The LEIE is published by the OIG. It contains the names of individuals and entities which have been sanctioned by the OIG. It is updated monthly, and is the primary resource used for identifying sanctioned individuals.
The FACIS is a database which compiles information from different healthcare sanction lists. It compiles sanction lists published by the OIG, GAS and FDA. It also tracks exclusions, debarments, reprimands and suspensions.
How To Avoid Hiring Sanctioned Individuals
The penalties for hiring sanctioned individuals are extremely steep. For instance, the OIG can fine an organisation up to $10,000 per day worked by a sanctioned individual. Suspend them from federal health programs, revoke their license and even recommend jail time for their leaders. The way to avoid such penalties is to avoid hiring sanctioned individuals.
The best strategy is through medical sanction checks. These checks are aimed at identifying whether or not an individual is on the sanction lists. To make sanction checks effective, it is advisable to conduct them at least three times.
Before hiring any healthcare professional, it is an absolute must to conduct a sanction check. This is the only way to prevent hiring sanctioned individuals.
Sanction lists are updated periodically. There is also a time-lapse between the time an individual is sanctioned, and the moment their name appears on the list. As such, between the time of hire and appointment, it is possible that an individual’s name could have appeared on the list. As such, before giving an employee a contract, it is necessary to carry out sanction checks on them.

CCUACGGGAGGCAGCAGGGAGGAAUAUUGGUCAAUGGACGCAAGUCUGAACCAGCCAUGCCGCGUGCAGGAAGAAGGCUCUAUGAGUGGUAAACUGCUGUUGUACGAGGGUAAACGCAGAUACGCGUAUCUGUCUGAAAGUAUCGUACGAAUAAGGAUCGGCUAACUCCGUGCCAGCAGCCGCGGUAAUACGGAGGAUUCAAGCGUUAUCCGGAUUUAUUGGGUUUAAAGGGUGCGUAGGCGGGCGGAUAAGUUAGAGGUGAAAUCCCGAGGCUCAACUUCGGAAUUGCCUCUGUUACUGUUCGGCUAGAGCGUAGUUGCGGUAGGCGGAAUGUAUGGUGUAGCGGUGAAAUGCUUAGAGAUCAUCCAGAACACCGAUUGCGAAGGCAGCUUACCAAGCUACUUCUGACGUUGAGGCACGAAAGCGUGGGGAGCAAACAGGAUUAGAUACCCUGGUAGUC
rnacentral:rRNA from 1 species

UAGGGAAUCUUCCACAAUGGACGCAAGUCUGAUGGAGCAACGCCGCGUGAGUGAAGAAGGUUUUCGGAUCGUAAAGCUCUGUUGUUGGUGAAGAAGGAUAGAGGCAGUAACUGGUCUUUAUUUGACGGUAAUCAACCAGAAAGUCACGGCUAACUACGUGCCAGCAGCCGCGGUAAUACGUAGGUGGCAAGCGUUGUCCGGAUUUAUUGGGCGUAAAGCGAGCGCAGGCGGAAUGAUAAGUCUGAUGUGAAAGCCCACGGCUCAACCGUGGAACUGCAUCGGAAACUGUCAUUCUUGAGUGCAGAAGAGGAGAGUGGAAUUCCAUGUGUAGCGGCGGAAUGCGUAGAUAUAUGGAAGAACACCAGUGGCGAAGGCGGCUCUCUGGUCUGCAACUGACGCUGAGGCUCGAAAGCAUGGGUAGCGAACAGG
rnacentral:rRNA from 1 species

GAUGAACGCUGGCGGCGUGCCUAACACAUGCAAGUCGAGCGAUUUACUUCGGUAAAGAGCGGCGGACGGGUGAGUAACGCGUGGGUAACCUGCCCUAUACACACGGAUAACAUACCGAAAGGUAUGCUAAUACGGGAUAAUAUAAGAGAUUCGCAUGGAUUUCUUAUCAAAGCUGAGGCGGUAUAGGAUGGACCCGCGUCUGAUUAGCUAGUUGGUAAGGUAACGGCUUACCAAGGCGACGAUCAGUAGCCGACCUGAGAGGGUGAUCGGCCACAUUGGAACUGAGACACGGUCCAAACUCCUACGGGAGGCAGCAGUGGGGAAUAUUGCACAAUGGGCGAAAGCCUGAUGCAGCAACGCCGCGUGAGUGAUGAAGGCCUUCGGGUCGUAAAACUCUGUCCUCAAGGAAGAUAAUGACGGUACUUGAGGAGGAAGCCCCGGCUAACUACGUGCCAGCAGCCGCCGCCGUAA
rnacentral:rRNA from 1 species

Sanction lists are updated periodically. As such, as part of the due diligence, it is important to run the names of employees through the lists periodically. This is the only way of assuring that those who slipped through the pre-employment checks are weeded out.
In a nutshell, understanding medical sanctions is important for any organisation which employs healthcare professionals. The above information explains the basics. If you desire to get medical sanctions explained further, the best option is to contact a background screening company which provides medical sanctions checks.